By NBF News
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Coordinating Minister for the Economy and Minister of Finance, Dr Ngozi Okonjo-Iweala recently unveiled a blue print on how she intends to manage the nation's economy. The Minister was also in Washington, DC, United States of America where she led the Nigerian delegation to the just concluded World Bank and International Monetary Fund (IMF) Annual General Meetings.

Specifically, the minister and her team had asked the World Bank to assist Nigeria in its job creating efforts, infrastructure development and most importantly, the building of the controversial second River Niger Bridge. Okonjo-Iweala spoke to Nigerian journalists on the way forward for the economy.

What we achieved at the World Bank/IMF AGM
We came to this meeting wanting to share Mr President's new short to medium term programme and priorities which are being captured in the Vision 20:20 transformational agenda. In order wards, to share with the multi-lateral and bilateral partners and investors how we are proposing to really work in the short term.

What are the priorities going to be and what we are going to do about the micro and macro-economy challenges that we have. And, we have a very robust team. Chief Economic Adviser, Executive Director representing Nigeria on the board of the World Bank and former Minister of Finance, Accountant General etc. We have been able to share the vision and the objective we have. And at the same time, we have been very focused to get a kind of financial support to achieve this short and medium term objective. And, I think we have been very, very successful.

Beyond that, as the chair of the African Group at the IMF Board (IMF Council of Governors) as the chair representing African countries there and as the chair at the World Bank Development Committees, we've also been able to put forward the views of African countries on the current global challenges and how we will like international institutions and the developed countries and emerging markets to work in support of us in making effective use of this challenging time.

Thirdly, as I said, we've been successful in negotiating some financing to support our programmes from the World Bank, and we've even spoken to the African Development Bank for support.

As you know we have an ambitious agenda to try and create jobs, particularly for our youths and some of the several priorities involved, for example agriculture. We have a very detailed plan of investment in agricultural sector.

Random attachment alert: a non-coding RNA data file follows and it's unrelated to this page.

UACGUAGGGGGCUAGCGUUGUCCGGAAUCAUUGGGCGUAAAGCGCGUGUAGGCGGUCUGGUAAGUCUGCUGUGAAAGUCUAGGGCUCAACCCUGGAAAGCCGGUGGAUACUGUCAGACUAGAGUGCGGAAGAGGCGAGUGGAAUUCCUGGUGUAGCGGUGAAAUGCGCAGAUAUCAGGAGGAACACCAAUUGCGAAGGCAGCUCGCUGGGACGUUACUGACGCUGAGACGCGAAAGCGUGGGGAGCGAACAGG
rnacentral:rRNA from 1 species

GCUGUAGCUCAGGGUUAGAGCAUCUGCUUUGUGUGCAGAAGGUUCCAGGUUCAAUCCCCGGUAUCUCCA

So, one of the things we did here was to try and negotiate some extra finances to support this sector from the World Bank and we are in discussions with them to see if they can advance about 500 million dollars to support the sector. And also, environment because we see agriculture and environmental issues as linked and the Minister of Environment is also desirous to have in support. So, we entered into discussion for 50 million dollars i.e. an additional $50m to support the work on the environment and $500m for agriculture, it is not concluded but it is looking quite positive and we are very happy at what is happening on that. So, we will conclude it as soon as we get to Nigeria and the new Country Director arrives. So, that is exactly the specific thing we've been able to do here.

Second, we just had a meeting, a very interesting meeting I must say with both the IFC (International Finance Corporation) the private sector arm of the World Bank, with the World Bank Treasury and with a representatives of a group of investors who are interested in public private partnership in Nigeria and very specifically, they are interested in financing, investing in the second Niger Bridge and so, this is very, very promising and we had discussions with them on what are the next steps.

IFC which is a very prestigious arm of the World Bank, if they come in to try and help manage this operation, it could turn out to be one of the best public partnership ventures Nigeria will do and it will set an example that Nigeria is serious about delivering a clean approach to PPP and that will unlock investments in other PPPs. So, we are trying to work and discuss with the Minister of Trade and Investment, with other colleagues in the Economic Management Team and, of course, present to Mr President what we've done and then take it from there. We have discussions with the Minister of Works before coming and so we plan to reconvene and share what we have and move on from there.

Challenges facing global economy